Health

'Growing pains' in children

Angela Davis

Sunday, April 29, 2018

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WHEN we use the term “growing pains” in children,Sever's disease, otherwise known as calcaneal apophysitis, falls into this group.

It is a common foot disorder found in children and, though it can be very painful for the child, it is a temporary condition that has no long-term effects.

During puberty the heel bone sometimes grows quicker than the leg muscles and tendons. This causes tightness and stretching, which in turn puts pressure on the growth plates at the back of the heel. Patients will have inflammation and pain in this area.

Sever's disease is most common in children between the ages of eight and 15, and seen usually in boys. It tends to occur more in those who are physically active and enjoy sports such as track, basketball, football, and gymnastics.

Children who stand for long periods of time and wear ill-fitting shoes are also more likely to develop it. Medical conditions that can exacerbate Sever's disease are:

• Flat feet;

•Highly arched feet;

• Leg length discrepancy (one leg longer than the other);

• Pronated feet (a foot that roles in at the ankle);

• Obesity.

Symptoms of sever's disease include:

• Pain in one or both heels, usually towards the back, that is worse on weight-bearing or during exercise;

• Swelling and redness;

• Morning stiffness in the feet;

• Limping.

Diagnosis

From the symptoms and activity level of the child, the doctor should be able to give a fairly accurate diagnosis.

The “squeeze test” at the back of the heel will also help to confirm the diagnosis. X-rays are usually not a very helpful tool in diagnosing sever's disease but they can help to rule out other conditions like a fracture.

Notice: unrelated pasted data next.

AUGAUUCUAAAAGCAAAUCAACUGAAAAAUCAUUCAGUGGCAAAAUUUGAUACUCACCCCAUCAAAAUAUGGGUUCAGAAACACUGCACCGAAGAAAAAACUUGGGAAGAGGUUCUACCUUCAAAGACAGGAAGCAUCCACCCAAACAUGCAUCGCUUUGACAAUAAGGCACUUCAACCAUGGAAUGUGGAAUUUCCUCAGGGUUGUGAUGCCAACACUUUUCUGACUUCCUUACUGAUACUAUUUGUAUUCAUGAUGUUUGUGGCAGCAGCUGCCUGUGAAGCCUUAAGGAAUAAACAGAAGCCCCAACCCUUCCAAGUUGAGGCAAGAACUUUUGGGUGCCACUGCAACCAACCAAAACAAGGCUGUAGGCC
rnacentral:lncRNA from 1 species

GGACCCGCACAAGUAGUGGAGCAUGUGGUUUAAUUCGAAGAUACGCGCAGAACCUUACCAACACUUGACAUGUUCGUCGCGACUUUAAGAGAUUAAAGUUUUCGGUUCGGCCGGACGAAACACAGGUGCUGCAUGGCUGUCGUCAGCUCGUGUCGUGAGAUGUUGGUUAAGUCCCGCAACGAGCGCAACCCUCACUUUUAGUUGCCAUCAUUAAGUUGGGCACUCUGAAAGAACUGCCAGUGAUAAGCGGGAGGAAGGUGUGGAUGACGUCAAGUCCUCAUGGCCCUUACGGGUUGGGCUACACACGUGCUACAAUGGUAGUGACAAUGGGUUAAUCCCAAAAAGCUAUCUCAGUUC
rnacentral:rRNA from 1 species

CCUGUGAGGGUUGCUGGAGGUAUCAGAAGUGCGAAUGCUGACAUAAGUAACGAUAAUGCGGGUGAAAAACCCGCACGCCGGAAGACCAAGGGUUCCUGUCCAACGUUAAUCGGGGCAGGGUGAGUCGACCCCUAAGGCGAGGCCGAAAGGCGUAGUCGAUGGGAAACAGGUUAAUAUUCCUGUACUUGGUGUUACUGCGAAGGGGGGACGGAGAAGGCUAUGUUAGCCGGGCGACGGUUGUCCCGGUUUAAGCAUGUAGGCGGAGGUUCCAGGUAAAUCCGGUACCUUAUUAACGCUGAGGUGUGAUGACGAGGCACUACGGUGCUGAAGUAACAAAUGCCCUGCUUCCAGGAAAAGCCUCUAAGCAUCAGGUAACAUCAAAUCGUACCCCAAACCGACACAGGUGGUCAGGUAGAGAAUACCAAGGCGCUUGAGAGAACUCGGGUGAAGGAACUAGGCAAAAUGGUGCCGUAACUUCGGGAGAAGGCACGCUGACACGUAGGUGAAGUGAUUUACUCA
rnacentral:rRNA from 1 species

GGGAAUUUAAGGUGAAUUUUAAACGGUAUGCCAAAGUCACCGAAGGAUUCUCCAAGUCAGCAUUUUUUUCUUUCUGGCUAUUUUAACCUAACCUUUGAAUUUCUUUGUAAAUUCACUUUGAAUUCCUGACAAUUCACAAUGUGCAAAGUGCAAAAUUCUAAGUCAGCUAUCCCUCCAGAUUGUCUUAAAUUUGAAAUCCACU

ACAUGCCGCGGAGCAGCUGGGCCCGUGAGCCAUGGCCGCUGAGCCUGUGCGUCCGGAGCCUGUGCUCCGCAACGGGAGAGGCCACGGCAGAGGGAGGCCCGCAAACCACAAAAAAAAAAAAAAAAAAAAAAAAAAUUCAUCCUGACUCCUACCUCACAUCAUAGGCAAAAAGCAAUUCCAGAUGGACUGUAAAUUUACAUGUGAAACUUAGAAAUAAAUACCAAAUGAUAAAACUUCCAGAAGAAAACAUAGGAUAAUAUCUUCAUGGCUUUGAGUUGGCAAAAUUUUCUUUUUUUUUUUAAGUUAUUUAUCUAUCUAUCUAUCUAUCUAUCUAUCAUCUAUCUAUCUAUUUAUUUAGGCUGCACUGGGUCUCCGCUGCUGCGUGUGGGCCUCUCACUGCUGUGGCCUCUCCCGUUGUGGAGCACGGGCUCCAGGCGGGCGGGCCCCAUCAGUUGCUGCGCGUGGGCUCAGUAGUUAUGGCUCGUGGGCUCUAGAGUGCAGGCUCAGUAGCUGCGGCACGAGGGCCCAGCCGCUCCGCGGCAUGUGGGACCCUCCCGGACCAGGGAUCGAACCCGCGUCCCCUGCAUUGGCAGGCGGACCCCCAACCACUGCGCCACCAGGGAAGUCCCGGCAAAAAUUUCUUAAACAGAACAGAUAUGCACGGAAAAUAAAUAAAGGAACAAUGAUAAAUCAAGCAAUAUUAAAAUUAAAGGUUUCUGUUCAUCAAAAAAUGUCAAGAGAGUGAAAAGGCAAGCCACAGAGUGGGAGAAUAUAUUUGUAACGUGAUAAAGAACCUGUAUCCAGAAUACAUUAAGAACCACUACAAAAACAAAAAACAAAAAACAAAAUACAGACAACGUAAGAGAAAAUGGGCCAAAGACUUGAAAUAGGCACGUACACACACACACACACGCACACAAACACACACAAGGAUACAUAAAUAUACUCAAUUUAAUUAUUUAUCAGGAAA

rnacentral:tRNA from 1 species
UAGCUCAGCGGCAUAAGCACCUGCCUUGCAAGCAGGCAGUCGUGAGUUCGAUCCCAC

Treatment

Patients will fully recover from sever's disease when the bone has fully developed. It is not known to cause any long-term disability and the symptoms, when treated, should subside within two to three weeks, at which time the child should be able to resume normal activities.

The main goal of treatment is to reduce the pain. It is advised that:

• The child reduces all physical activities and weight-bearing on the affected foot until the symptoms have gone. Activities like swimming and cycling may be okay as they do not put pressure on the heel.

• The patient adheres to RICE ( rest, ice, compress, elevate)

• orthotic devices be considered. Supportive appropriate footwear, preferably with the heel exposed, should be worn.

• Anti-inflammatory medication be prescribed;

• physiotherapy be considered;

• If the child is obese, a sensible weight loss programme should be maintained.

• the pronation or any other foot deformity that may exacerbate the condition be treated.

Angela Davis BSc (Hons) DPodM MChS is a podiatrist with offices in Montego Bay (293- 7119), Mandeville (962-2100), Ocho Rios (974-6339), Kingston (978-8392), and Savanna-la-Mar (955-3154). She is a member of the Health and Care Professions Council in the United Kingdom.

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